Families Upset About Upkeep Of OKC Cemetery

Monday, May 27th 2013, 10:03 pm
By: News 9

Overgrown grass, weeds, and broken head stones have a lot of families furious this Memorial Day.

At Trice Hill Cemetery on N. Coltrane Rd., instead of taking a moment to remember their loved ones, some were out mowing and weed eating around the graves of relatives.

The cemetery's board of directors says there's no money, no help, and really no budget to maintain the cemetery, which they say is full to capacity. They're asking for help from the community.

"It's a disgrace, you get out here, and you have to weed eat it so your flowers can be seen," said Dorothy Harding.

82-year-old Dorothy Harding and her 81-year-old husband have spent their Memorial Day, not taking a moment to remember their loved ones, but trying to clean up what they say is an overgrown mess.

"Your family is out here, and you want it to look good, you want to remember them," said Mrs. Harding. "You don't want them to be around weeds, you want it to look decent around headstones."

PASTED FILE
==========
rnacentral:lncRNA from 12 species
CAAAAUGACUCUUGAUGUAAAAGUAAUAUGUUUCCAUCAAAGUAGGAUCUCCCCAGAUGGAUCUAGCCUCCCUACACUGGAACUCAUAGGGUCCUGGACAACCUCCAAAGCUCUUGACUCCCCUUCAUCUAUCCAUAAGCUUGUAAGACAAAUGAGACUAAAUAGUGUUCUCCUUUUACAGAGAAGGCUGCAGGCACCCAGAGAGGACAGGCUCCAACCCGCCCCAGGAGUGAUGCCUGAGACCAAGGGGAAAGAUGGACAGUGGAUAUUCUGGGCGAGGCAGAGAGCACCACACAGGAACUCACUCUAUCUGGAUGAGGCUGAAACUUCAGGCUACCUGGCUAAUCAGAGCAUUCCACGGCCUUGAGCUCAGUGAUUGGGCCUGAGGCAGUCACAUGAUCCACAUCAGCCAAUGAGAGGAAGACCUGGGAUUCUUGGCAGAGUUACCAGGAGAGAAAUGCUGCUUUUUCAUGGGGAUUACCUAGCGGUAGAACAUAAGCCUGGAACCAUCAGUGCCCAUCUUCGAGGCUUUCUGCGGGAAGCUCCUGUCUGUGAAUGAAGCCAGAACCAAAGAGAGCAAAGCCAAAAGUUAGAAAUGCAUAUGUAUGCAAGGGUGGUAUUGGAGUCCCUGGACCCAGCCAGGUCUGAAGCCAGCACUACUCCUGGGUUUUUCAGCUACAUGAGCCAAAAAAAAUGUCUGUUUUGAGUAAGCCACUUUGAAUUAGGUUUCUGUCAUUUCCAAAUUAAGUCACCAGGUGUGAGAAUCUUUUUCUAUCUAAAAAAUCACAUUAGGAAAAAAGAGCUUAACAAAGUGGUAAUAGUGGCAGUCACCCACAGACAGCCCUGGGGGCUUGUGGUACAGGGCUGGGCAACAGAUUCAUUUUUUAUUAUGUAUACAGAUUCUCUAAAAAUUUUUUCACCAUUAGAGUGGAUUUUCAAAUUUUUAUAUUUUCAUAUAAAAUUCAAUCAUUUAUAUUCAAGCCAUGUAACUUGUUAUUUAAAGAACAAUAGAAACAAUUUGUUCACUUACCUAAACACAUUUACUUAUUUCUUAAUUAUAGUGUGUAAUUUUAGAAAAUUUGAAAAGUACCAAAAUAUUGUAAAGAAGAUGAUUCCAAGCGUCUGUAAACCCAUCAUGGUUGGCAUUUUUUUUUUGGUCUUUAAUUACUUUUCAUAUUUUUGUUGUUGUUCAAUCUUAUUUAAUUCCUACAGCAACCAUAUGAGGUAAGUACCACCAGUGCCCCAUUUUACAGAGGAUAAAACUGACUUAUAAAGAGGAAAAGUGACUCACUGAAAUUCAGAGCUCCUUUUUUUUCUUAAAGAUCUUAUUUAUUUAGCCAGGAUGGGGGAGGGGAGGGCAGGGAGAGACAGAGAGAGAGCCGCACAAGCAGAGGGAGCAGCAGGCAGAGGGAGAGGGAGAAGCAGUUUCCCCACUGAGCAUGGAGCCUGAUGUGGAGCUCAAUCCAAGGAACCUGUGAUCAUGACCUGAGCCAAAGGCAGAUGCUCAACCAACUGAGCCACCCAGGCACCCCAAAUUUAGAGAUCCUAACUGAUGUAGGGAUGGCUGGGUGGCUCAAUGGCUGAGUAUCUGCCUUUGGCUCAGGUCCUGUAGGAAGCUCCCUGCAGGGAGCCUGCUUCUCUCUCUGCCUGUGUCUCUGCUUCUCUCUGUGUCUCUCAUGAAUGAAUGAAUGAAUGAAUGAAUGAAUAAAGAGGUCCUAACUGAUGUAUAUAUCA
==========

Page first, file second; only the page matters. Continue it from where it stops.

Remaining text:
"We want it to look like a cemetery like it used to look," said Mr. Harding. "First time I've ever been out here, and it looks like this."

The couple has been visiting Trice Hill cemetery for more than 60 years and today was their second day here trying to make the area around loved ones plots look somewhat presentable.

"So it was just such a mess, I told my husband we got to get over there and get some of those weeds up," said Mrs. Harding.

"We just came out here and done it on our own," said Mr. Harding.

A notice on the cemetery's office door, asks that people help maintain the burial grounds.

"We don't have enough people to do this 30 acres without it being back in two, three days and have to start all over again," said Albert Smith, member of the cemetery's board of directors.

Smith says there's only three men doing a nine man job, and ground upkeep has been a struggle.

"The only money that we would have is the opening and closing of graves that have already been purchased by people," said Smith.

"It just kind of breaks your heart," said Mrs. Harding.

The cemetery's board of directors plan to submit a perpetual care fund application to help maintain the cemetery's grounds. Until then though, it's up to relatives to maintain the grounds.